The last noteworthy attempt of the 90 minutes fell to Simone Perrotta. Andrea Pirlo lofted a pass to Alberto Gilardino who headed it down to Francesco Totti. The evergreen Totti chipped the ball over the defence and into the path of Perrotta. Jens Lehmann threw himself bravely in front of the football, punching it away from the danger and clotheslining the Perrotta in the process.
The referee blew for full time with the score sitting at 0-0. Extra time was a daunting prospect to the teams. They had both played five matches already in the World Cup, Germany having already played an extra 30 minutes against Argentina in the previous match.
It was the Azzurri who generated the first real chance of extra time. Alberto Gilardino steamed past Christoph Metzelder towards the goal line before cutting inside the box with his sights set on scoring. The flamboyant Milan forward made Michael Ballack look like a schoolboy trying in defence, easing past him before taking the shot on. The shot beat Lehmann, but the German fans breathed a sigh of relief as the ball bounced off the post.
Into the second period of extra time and again it was Italy who were creating the chances, their first coming almost straight from kick off. Andrea Pirlo had been pulling the strings for Italy all tournament and turned creator once again. He scooped a pass towards the penalty area from distance. A deflection caught the defence out and Alessandro Del Piero latched on to the pass. The ball didn’t fall right for Del Piero to get his shot away, allowing Arne Friedrich to put his body between the ball and the goal, Lehmann rushing out to quash the danger.
Germany responded by creating their own opportunity. Sebastian Kehl picked up the ball in acres of space, spraying a Pirlo-esque pass to Podolski on the edge of the box. Podolski rattled his shot away, forcing Buffon to make a diving save, tipping the ball over the bar.
With the clock ticking down and penalties looming, Andrea Pirlo forced Jens Lehmann into a save. The Arsenal goalkeeper pushed the ball wide for a corner. This save was crucial, however, the resulting set-piece proved to be the beginning of the end of Jurgen Klinsmann’s young side.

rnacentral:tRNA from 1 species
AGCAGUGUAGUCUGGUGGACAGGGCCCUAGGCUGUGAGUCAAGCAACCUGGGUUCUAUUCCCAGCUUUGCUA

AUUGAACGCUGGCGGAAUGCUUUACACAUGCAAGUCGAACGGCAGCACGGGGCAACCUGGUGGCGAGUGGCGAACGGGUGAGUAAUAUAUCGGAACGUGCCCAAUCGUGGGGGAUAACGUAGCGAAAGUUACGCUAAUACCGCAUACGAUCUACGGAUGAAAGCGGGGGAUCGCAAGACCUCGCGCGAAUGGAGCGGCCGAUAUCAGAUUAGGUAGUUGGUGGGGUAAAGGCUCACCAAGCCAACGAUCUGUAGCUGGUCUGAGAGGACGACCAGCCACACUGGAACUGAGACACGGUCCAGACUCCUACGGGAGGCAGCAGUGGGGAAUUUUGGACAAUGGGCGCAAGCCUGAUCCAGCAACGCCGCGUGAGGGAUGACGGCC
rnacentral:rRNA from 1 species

Alessandro Del Piero stood over the corner, whipping the ball into the packed penalty box. Germany cleared the ball, unfortunately for them, not far enough from danger…
Pirlo recovered the ball up, took a touch and with the sort of calmness indicative of his career, picked out the perfect pass. He confidently found Fabio Grosso. The all-action left back pivoted and swept his shot into the goal, usurping the outstretched hands of Lehmann.
After 119 minutes of thrilling end-to-end football, Italy had broken the deadlock. It was the latest goal to ever be scored in a World Cup match. Not just had Grosso put his side into the final, but he had created a little bit of history in the process.
Klinsmann, naturally, instructed his team to push forward in numbers, throwing caution to their defensive duties in an attempt to score a late equaliser. Eventual Young Player of the Tournament Lukas Podolski took a heavy touch in the opposition half. Juventus legend Alessandro Del Piero capitalised on this poor control, dispossessing the Polish-born German striker to set up a punishing counterattack.
Del Piero offloaded the ball to a teammate and continued his run upfield. Alberto Gilardino received the pass, running at the defence and into the box, creating space for his teammate. Gilardino dragged Christoph Metzelder into the centre, then reversed his pass left. Del Piero latched on to the pass, effortlessly swivelling his body, easing the ball beyond Lehmann and doubling Italy’s lead.
For all of two minutes, Italy left back Fabio Grosso had held the record for the latest ever World Cup goal. On 121 minutes Alessandro Del Piero had smashed that record! In 2014, Algerian midfielder Abdelmoumene Djabou equalled this record, scoring in the 121st minute against Germany, though it has never technically been beaten.
Full time came and the hosts were eliminated. To lose with practically the last kick of the game must have been devastating. The game should be remembered as something of a modern-day classic – two titans of football playing knockout football the way it should be: hard, fast and action-packed.
This game was a pure football spectacle. It was end to end. It was heart and soul. It was passion. It was a masterclass. Either side could have won that match with few complaints from the neutrals. When you think World Cup classic this game may not spring to mind straight away, but thanks to the late record-breaking late goals from Fabio Grosso and Alessandro Del Piero, this game will forever be written into the annals of history.